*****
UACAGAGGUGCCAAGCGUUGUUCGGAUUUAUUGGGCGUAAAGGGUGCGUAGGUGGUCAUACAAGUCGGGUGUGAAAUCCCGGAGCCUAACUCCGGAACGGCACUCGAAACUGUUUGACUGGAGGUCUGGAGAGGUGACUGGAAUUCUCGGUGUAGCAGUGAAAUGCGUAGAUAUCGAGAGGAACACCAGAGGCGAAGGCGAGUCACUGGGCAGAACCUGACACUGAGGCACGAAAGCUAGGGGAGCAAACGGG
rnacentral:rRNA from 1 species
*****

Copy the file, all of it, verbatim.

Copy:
UACAGAGGUGCCAAGCGUUGUUCGGAUUUAUUGGGCGUAAAGGGUGCGUAGGUGGUCAUACAAGUCGGGUGUGAAAUCCCGGAGCCUAACUCCGGAACGGCACUCGAAACUGUUUGACUGGAGGUCUGGAGAGGUGACUGGAAUUCUCGGUGUAGCAGUGAAAUGCGUAGAUAUCGAGAGGAACACCAGAGGCGAAGGCGAGUCACUGGGCAGAACCUGACACUGAGGCACGAAAGCUAGGGGAGCAAACGGG
rnacentral:rRNA from 1 species